This mounting of the unit is facilitated by the adjustable connection between the mounting plate 82 and the motor housing which has been heretofore described. As shown in Fig. 7, the arcuate slots 88 in plate 82 permit a rotatable adjustment of plate 82 on the motor housing and this .provides for an angular adjustment of the support bracket 86 relative to the boss 50 to position these members with reference to the respective supports on the shelf 20 and rear panel 14 which may vary slightly in their relative locations for difierent installations of these units. Since the blower housing 76 is secured on the mounting plate 82 by bracket 78, it will also be apparent that the rotatable adjustment of plate 82 on the motor housing provides for an adjustment of the location of outlet passage 98 of the blower housing with reference to the boss 50 to adapt the unit for installations in which the angular dispositions of the shelf 20, body panel 14 and rear window may be somewhat different than is shown in Fig. 3.

The control circuit for the present wiper and defroster unit includes a limit switch, indicated generally at 130 in Fig. 5, which functions whenever operation of the unit is manually discontinued to automatically open the motor circuit to stop the movement of the wiper blade with the blade adjacent the molding at the bottom of the rear window at one end of its stroke, as will be hereinafter described.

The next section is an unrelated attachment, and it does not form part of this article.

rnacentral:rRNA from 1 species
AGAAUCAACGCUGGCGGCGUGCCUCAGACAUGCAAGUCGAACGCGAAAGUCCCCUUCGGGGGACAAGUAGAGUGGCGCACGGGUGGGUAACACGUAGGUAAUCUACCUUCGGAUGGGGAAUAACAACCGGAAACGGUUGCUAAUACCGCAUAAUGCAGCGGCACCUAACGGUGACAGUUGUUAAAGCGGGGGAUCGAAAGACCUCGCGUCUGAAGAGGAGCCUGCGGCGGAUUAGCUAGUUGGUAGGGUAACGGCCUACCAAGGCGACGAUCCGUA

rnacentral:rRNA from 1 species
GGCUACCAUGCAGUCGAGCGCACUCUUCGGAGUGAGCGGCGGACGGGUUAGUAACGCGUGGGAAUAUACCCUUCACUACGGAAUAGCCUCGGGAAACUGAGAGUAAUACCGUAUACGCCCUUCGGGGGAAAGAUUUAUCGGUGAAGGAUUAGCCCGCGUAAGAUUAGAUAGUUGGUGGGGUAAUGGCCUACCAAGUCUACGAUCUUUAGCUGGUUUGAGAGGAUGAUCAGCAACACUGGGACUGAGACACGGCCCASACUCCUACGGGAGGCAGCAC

The limit switch 130 per se may be of any conventional construction and is only generally shown in Fig. 5 as including a spring contact blade 132 with a central bowed portion 134 which engages the bracket 136 at its free end. A contact 138 is provided on one end of the blade 132 and the other end of the blade engages around one arm of a lever 140 which is fulcrumed on the bracket 136. The other arm of lever 140 is positioned in the path of movement of a cam 142 which constitutes an extension on the crank arm 36 and the downward movement of this end of the lever is limited by contact of the other end of the lever with a ledge 144.

For present purposes it is believed to be sufficient to note that the switch and lever arrangement is such that the contact 138 is tensioned to normally engage a relatively fixed contact 146 but is moved away from such contact whenever the cam 142 engages and tilts the lever 140 as the cam moves past the lever during counterclockwise rotation of the crank arm 36. In Fig. 5 the switch 130 is shown as having been opened by the cam and it will :be seen that in this position .of the several parts the extension 68 of plate 66 which is connected to the wiper shaft 48 is adjacent the stop lug 70 which indicate's that the wiper blade is .at one end of its stroke.